This photo courtesy of the Minnesota Historical Society has former governor Orville Freeman standing next to Finland’s prime minister Reino Kuuskoski at a 1958 event in Minnneapolis.
The prime minister is presenting Freeman with a handwoven Finnish rug typical of the art and craft of the country.
Finnish textiles will be among the items on display at an event that is a true antidote for the midwinter blahs.
The Good Design Is Forever event takes place in south Minneapolis, Saturday, Jan. 28.
First of all, the gathering is inside a work of art – Christ Church Lutheran – a national historic landmark designed by Finnish architect Eliel Saarinen with an addition by Eero, Saarinen’s son.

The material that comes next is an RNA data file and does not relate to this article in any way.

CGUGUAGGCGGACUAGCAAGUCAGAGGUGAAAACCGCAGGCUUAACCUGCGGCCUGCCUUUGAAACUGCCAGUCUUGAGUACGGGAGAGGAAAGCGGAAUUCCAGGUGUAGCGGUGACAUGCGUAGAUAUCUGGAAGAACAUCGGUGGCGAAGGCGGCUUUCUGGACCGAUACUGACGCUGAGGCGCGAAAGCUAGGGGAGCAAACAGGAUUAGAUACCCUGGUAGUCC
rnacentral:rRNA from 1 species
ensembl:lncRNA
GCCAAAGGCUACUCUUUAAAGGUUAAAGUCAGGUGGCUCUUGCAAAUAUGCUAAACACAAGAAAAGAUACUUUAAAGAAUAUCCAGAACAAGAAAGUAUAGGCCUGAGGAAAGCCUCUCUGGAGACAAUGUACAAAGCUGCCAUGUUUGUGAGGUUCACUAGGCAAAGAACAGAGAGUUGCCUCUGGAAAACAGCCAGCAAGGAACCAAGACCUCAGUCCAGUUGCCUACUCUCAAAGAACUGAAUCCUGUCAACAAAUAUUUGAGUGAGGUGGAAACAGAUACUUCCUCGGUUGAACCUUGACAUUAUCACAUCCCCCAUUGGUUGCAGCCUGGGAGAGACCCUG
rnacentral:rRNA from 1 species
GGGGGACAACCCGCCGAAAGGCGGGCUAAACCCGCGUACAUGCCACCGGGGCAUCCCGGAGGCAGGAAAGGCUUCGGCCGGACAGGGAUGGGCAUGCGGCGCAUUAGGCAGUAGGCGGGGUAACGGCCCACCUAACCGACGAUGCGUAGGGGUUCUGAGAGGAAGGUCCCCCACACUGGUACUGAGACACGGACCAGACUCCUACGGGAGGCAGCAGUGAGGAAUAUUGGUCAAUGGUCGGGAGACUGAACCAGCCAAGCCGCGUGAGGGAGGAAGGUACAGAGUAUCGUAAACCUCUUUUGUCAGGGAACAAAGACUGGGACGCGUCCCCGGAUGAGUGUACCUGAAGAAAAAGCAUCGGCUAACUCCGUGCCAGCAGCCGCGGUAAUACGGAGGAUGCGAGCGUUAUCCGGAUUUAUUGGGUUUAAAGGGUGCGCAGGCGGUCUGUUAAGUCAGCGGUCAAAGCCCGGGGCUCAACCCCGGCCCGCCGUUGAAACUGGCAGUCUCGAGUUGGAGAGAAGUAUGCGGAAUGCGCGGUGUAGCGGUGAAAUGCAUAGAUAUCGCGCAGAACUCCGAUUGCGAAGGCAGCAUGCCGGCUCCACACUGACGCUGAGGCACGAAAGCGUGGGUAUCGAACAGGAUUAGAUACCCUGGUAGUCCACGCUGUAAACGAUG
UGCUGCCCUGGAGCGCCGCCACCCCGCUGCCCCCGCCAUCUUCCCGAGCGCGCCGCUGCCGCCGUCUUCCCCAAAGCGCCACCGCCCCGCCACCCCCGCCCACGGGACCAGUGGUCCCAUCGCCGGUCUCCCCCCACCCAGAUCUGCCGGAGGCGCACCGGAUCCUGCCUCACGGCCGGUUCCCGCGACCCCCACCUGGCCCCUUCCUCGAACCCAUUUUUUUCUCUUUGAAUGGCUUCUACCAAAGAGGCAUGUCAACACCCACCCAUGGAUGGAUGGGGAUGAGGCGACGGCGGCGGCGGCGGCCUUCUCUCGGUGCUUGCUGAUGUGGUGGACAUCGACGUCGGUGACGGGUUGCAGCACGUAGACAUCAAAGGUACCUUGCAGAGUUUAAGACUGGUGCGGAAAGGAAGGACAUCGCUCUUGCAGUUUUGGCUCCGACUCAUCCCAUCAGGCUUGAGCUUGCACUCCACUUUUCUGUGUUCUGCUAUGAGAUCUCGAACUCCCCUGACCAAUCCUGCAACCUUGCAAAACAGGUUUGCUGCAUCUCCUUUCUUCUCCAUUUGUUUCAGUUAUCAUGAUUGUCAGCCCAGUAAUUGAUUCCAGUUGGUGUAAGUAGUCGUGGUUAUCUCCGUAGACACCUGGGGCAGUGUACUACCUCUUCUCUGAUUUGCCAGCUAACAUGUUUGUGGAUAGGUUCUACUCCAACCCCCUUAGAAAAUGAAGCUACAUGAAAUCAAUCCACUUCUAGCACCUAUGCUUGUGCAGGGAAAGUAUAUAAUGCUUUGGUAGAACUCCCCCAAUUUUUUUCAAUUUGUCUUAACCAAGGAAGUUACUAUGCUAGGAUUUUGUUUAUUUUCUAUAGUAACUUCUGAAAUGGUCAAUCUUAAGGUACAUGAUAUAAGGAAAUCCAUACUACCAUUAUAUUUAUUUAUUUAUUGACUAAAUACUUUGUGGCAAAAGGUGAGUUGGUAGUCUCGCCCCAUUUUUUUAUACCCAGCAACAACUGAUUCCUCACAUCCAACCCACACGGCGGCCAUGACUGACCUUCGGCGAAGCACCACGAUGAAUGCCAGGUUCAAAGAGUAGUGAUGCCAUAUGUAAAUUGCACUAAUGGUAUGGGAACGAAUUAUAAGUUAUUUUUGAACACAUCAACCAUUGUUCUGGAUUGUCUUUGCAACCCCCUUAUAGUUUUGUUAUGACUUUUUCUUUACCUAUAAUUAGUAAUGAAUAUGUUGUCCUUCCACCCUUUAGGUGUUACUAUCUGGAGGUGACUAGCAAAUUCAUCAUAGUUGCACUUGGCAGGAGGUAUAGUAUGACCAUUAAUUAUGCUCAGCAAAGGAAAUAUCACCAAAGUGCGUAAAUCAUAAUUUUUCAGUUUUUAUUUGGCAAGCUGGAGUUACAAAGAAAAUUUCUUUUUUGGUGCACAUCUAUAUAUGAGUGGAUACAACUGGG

Besides textiles, there’ll be exhibits of Finnish glass along with music, films and food.
There’ll be art projects for the kids.
You can tour the church.
Did I say free?
Finns are fun. Besides great design, they have a fascinating, if challenging, language.
Put “terve” (hello, or good health to you) in your collection of greetings – (TARE veh and roll the “r” with gusto) – when you visit the Saturday event and hold on. Native speakers will turn to look at you, correct your pronunciation, and help you learn some other amazing words.
Finns are a smaller but influential ethnic group in Minnesota. Lots of them came to work in the mines on the Iron Range.
More recently, a fellow named Osmo has helped take the Minnesota Orchestra to new levels of artistry.
Years ago, my colleague Mary Losure and I did a piece on the Finns in Minnesota.
I wonder whatever became of the rug?